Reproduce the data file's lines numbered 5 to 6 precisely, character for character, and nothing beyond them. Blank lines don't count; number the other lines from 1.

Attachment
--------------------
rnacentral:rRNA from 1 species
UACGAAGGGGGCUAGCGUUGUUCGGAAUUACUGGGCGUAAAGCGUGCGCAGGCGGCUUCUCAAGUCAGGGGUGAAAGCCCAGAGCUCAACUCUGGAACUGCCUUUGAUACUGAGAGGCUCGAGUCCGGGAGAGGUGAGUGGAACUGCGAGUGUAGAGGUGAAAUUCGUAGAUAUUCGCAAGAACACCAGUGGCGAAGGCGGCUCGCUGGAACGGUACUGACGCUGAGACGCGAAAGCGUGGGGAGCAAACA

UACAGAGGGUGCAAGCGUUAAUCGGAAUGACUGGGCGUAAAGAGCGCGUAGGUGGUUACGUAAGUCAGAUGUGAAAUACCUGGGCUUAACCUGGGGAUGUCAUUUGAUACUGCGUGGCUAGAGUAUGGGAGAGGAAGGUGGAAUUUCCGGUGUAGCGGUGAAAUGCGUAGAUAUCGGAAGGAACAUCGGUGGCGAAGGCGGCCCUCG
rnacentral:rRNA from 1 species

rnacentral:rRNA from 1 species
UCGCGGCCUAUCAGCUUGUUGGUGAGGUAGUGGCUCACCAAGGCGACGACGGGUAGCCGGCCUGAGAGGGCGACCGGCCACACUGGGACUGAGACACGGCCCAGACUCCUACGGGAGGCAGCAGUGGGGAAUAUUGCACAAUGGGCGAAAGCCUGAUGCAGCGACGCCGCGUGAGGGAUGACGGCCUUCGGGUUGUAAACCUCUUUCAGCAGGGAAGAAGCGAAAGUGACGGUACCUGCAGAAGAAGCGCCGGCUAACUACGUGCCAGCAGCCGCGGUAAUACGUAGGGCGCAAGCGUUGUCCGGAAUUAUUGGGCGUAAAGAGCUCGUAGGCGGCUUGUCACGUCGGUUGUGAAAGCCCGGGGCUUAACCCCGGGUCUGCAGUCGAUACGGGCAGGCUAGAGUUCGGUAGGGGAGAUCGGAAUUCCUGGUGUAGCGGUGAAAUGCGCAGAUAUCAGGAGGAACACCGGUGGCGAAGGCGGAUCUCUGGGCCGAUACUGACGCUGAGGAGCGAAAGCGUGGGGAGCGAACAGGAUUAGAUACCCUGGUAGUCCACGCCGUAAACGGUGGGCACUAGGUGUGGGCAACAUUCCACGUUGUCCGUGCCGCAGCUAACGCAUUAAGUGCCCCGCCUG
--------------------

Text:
rnacentral:rRNA from 1 species
UCGCGGCCUAUCAGCUUGUUGGUGAGGUAGUGGCUCACCAAGGCGACGACGGGUAGCCGGCCUGAGAGGGCGACCGGCCACACUGGGACUGAGACACGGCCCAGACUCCUACGGGAGGCAGCAGUGGGGAAUAUUGCACAAUGGGCGAAAGCCUGAUGCAGCGACGCCGCGUGAGGGAUGACGGCCUUCGGGUUGUAAACCUCUUUCAGCAGGGAAGAAGCGAAAGUGACGGUACCUGCAGAAGAAGCGCCGGCUAACUACGUGCCAGCAGCCGCGGUAAUACGUAGGGCGCAAGCGUUGUCCGGAAUUAUUGGGCGUAAAGAGCUCGUAGGCGGCUUGUCACGUCGGUUGUGAAAGCCCGGGGCUUAACCCCGGGUCUGCAGUCGAUACGGGCAGGCUAGAGUUCGGUAGGGGAGAUCGGAAUUCCUGGUGUAGCGGUGAAAUGCGCAGAUAUCAGGAGGAACACCGGUGGCGAAGGCGGAUCUCUGGGCCGAUACUGACGCUGAGGAGCGAAAGCGUGGGGAGCGAACAGGAUUAGAUACCCUGGUAGUCCACGCCGUAAACGGUGGGCACUAGGUGUGGGCAACAUUCCACGUUGUCCGUGCCGCAGCUAACGCAUUAAGUGCCCCGCCUG